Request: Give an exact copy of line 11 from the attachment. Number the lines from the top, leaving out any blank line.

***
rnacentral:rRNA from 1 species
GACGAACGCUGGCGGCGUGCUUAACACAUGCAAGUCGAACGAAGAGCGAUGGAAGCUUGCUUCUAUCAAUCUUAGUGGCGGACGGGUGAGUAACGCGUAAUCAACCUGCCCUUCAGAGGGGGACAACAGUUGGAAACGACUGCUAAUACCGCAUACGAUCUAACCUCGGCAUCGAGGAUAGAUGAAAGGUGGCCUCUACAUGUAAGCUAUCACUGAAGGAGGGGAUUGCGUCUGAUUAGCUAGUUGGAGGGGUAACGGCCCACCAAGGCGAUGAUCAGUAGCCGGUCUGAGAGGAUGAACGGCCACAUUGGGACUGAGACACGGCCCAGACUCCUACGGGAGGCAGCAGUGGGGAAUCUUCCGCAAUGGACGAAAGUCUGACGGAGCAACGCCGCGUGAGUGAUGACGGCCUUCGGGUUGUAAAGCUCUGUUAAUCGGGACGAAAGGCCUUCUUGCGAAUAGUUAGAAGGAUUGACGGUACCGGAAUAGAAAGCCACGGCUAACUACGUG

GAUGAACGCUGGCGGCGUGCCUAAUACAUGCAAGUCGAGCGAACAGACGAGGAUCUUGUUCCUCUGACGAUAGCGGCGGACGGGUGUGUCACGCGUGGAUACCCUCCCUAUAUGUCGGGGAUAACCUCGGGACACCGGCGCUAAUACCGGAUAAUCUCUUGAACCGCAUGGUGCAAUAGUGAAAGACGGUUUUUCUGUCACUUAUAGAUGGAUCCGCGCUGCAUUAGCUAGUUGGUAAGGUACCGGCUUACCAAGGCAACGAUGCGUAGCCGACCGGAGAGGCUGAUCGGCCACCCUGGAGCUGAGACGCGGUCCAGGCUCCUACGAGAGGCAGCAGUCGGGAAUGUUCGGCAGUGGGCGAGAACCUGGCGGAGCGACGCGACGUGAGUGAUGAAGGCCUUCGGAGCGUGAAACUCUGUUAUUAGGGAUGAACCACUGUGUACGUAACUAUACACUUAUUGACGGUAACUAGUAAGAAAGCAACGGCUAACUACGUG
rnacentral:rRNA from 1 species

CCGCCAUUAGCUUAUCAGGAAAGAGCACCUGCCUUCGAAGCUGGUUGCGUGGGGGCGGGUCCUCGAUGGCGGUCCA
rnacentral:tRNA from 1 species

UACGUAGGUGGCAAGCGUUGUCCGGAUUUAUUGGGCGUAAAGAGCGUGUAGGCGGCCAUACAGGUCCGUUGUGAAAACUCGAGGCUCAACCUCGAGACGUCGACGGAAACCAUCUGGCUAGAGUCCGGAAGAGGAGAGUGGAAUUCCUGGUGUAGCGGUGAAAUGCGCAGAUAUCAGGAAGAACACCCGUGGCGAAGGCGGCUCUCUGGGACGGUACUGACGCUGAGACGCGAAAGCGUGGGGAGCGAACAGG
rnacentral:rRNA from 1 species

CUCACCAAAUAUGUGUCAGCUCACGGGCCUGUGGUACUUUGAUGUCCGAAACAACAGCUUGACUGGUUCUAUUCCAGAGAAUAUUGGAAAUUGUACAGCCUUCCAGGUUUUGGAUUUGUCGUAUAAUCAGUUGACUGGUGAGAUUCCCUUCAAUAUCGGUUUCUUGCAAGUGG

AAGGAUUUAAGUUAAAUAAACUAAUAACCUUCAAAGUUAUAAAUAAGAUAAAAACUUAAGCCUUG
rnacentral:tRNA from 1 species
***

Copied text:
rnacentral:tRNA from 1 species